Sieve theory was developed in the 20th century to attack problems such as the k-tuples conjecture. Although this conjecture is still unsolved, sieve methods have succeeded in establishing similar results for almost primes, namely, those integers with very few prime factors, but not for the primes themselves.

Thus, the world was astonished when Professor Tao and Professor Green proved in 2003 that there are arbitrarily long arithmetic progressions of primes. The road to the Green-Tao theorem has been long, and in his lecture, Professor Tao surveyed the history of the problem and described the techniques that led to the recent breakthrough.

The first major advance was made in 1939 by van der Corput, who showed that there are infinitely many triples of primes in arithmetic progression. He used the circle method, originally invented by Hardy and Ramanujan to estimate the number of partitions of an integer and subsequently improved by Hardy and Littlewood to apply to a wide class of problems in additive number theory.

van der Corput’s result was improved in 1981 by the British mathematician Heath Brown, who showed that there are infinitely many quadruples in arithmetic progression of which three are primes, and the fourth an almost prime with at most two prime factors. That such an improvement came after more than 40 years indicates the difficulty of the problem.

Another problem was the study of finite arithmetic progressions within sets of positive density. This was pioneered by the 1958 Fields medallist K.F. Roth, who in 1956 showed that any set of integers with positive density contains infinitely many triples in arithmetic progression. This study culminated in 1975 with the grand result of the Hungarian mathematician Szemeredi, who proved that any set of integers with positive density contains arithmetic progressions of arbitrary length. Professor Tim Gowers of Cambridge University, who won the Fields Medal in 1994, has recently given a simpler proof of Szemeredi’s theorem. It is to be noted that since the primes have zero density, Szemeredi’s theorem does not imply that there are arbitrarily long arithmetic progressions of primes.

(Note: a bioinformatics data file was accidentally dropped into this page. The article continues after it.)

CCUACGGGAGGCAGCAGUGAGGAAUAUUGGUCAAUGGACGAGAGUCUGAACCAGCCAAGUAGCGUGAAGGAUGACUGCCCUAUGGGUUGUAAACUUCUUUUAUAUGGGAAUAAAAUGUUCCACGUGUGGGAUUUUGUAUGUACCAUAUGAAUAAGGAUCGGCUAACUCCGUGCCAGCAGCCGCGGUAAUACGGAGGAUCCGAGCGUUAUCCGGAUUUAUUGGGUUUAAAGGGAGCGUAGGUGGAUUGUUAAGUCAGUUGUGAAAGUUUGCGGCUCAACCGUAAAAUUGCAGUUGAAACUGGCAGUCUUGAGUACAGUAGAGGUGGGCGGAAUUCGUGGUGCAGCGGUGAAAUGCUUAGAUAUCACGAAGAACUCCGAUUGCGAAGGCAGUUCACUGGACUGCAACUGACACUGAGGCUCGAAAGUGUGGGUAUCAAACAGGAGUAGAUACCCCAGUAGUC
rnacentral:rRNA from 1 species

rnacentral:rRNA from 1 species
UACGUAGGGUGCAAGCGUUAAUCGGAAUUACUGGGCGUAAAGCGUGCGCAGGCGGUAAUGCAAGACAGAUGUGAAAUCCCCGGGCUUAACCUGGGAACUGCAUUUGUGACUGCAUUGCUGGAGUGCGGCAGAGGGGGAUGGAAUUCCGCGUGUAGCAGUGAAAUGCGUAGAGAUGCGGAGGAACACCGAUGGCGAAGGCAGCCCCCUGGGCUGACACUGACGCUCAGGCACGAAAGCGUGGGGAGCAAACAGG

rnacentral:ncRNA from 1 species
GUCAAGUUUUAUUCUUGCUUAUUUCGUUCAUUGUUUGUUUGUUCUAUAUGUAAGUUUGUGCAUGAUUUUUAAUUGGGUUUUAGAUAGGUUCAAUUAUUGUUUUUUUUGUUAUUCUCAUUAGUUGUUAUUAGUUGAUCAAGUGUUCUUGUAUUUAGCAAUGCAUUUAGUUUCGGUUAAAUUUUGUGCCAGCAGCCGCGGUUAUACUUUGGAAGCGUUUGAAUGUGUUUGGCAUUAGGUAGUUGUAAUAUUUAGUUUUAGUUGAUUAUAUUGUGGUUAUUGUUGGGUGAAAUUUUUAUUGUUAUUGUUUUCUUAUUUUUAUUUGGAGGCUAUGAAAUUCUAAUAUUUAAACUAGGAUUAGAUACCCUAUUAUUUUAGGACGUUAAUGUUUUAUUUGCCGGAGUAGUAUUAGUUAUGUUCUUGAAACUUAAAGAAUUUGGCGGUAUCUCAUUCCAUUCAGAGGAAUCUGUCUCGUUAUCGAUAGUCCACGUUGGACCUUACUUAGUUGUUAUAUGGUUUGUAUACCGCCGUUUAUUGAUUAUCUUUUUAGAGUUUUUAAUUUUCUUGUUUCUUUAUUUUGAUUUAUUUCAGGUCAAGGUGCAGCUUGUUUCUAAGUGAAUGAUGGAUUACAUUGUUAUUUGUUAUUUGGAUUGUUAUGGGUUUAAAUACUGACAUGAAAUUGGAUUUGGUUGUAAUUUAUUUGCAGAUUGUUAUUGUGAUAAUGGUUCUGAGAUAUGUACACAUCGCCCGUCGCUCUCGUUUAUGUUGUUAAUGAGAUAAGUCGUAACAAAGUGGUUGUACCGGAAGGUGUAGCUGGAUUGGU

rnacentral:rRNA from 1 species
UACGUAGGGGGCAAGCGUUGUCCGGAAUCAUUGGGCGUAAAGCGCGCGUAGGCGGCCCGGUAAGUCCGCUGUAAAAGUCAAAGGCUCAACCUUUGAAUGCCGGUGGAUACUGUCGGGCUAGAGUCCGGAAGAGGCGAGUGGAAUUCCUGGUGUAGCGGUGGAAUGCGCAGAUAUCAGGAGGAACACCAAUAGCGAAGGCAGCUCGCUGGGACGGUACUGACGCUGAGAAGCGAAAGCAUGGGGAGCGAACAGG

Professor Green was a Ph.D student of Professor Gowers, who introduced him to Szemeredi’s theorem. One of Professor Green’s first major accomplishments was the result that any subset of the primes, which has relative positive density, contains infinitely many triples on arithmetic progressions. Professor Tao and Professor Green then corresponded due to their common interest on such problems. They studied the general problem of arithmetic progressions in sparse sets of integers. By combining ideas from ergodic theory, the techniques of Professor Gowers, and repeated use of Szemeredi’s theorem, they were able to prove the astonishing result that there are arbitrarily long arithmetic progressions of primes. The ingredients of the proof were put together when Professor Green visited Professor Tao at UCLA in 2003.

The great Hungarian mathematicians Paul Erdös and Paul Turan conjectured that if A is an infinite set of integers the sum of whose reciprocals is divergent, then there are arbitrarily long arithmetic progressions in A. Since the sum of the reciprocals of the primes is a divergent series, the Green-Tao theorem is a special case of the Erdös-Turan conjecture, which remains unsolved in full generality. Erdös has offered $10,000 for a resolution of this conjecture. The Green-Tao theorem resolves an important special case of the Erdös-Turan conjecture and is a phenomenal achievement by two brilliant young mathematicians. Thus, it was a fitting tribute to Ramanujan that this great work was presented in his hometown on his birthday.

References:

[1]http://www.hindu.com/2006/12/25/stories/2006122502481100.htm

[2]Ben Green and Terence Tao, The primes contain arbitrarily long arithmetic progressions,8 Apr 2004.

[3] Terence Tao, Tamar Ziegler, The primes contain arbitrarily long polynomial progressions

[4] http://en.wikipedia.org/wiki/Szemer%C3%A9di%27s_theorem